• A. Shabelansky, A. Malcolm, M. Fehler, Measuring Seismic Attenuation Changes Using a 4D Relative Spectrum Method: Case Study from a Heavy Oil Reservoir with Implications for Monitoring Viscosity Changes submitted to Geophysical Prospecting.
• O. Poliannikov, M. Prange, A. Malcolm, and H. Djikpesse, A uniﬁed framework for relative source localization using correlograms, in press Geophysical Journal International.
• A. Shabelansky, A. Malcolm, and M. Fehler Data-Driven Estimation of the Sensitivity of Target-Oriented Time-Lapse Seismic Imaging to Source Geometry, Geophysics 78, R47-58.
• G. Melo, A. Malcolm, K. van Wijk, and D. Mikesell, Using SVD for improved interferometric Greens function retrieval, in press Geophysical Journal International.
• A. E. Malcolm and D. P. Nicholls∗ , Operator Expansions and Constrained Quadratic Optimization for Interface Reconstruction: Impenetrable Acoustic Media, In press Wave Motion.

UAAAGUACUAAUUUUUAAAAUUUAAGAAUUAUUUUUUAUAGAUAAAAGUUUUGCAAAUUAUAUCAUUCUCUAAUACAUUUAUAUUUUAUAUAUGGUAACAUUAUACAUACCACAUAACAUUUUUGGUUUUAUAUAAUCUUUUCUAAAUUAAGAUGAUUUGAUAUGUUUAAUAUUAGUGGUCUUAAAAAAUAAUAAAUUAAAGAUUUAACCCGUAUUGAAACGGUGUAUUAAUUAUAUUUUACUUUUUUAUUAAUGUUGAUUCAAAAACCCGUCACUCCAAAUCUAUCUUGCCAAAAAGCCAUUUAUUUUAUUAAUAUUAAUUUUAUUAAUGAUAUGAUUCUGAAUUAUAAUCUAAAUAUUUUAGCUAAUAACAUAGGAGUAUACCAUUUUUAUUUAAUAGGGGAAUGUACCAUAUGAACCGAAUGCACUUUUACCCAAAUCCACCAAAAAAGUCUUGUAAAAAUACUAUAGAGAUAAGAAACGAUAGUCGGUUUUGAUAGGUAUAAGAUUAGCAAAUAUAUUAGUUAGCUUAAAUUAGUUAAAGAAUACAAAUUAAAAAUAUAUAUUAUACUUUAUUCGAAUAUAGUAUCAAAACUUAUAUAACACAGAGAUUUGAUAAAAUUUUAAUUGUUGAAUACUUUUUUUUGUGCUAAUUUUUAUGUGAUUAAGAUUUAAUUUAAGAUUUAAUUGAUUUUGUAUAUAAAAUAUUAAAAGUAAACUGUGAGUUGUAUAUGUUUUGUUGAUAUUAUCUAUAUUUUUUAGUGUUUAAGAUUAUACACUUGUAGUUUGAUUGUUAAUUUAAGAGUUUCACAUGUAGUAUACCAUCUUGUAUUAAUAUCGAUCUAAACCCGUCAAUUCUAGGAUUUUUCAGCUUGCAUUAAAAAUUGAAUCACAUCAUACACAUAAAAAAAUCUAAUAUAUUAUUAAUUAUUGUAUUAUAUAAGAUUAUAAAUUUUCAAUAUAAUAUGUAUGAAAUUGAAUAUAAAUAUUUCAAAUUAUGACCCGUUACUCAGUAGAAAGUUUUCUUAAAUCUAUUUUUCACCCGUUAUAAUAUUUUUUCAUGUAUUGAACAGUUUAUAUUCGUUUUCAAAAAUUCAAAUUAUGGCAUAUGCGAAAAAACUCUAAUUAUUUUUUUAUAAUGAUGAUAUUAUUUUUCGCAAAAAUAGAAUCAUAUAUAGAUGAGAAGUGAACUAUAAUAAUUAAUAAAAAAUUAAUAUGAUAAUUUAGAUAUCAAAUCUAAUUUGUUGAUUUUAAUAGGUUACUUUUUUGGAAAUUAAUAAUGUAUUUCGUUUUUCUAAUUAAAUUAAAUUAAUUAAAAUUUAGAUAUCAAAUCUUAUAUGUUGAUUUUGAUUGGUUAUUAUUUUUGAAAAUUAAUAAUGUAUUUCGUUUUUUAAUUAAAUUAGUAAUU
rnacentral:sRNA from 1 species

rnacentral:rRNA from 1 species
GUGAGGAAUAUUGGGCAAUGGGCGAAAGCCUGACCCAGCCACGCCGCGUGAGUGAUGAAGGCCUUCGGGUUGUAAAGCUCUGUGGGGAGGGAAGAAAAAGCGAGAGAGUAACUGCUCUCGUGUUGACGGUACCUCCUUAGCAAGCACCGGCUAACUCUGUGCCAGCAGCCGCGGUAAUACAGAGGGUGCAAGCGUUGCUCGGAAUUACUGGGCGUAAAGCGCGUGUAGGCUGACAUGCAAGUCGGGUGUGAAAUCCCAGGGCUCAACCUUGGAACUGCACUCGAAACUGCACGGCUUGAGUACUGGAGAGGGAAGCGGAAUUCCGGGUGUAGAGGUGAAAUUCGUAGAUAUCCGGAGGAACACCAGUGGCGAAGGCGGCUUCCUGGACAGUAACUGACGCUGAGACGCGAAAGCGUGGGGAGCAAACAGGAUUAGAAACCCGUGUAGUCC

• D. Yang, A. Malcolm, M. Fehler, L. Huang, Time-lapse VSP Walkaway Seismic Monitoring of Carbon Sequestration in SACROC: A Case Study (almost) submitted to Geophysics.
Professor Malcolm’s group has had 6 abstracts accepted for presentation/publication with this year’s SEG meeting.
Prof. John Marshall’s research interests are in the role of the ocean in climate and climate variability. A recent focus has been on the dynamics and biogeochemistry of the southern ocean and asymmetries in the response of the two poles to climate perturbations. He has also been studying geometrical constraints on ocean heat transport and the possibility that the climate may possess multiple equilibria. In the past year John has been instrumental in organizing oceans@mit, a cross-disciplinary amalgam of all things related to the Ocean across the Institute.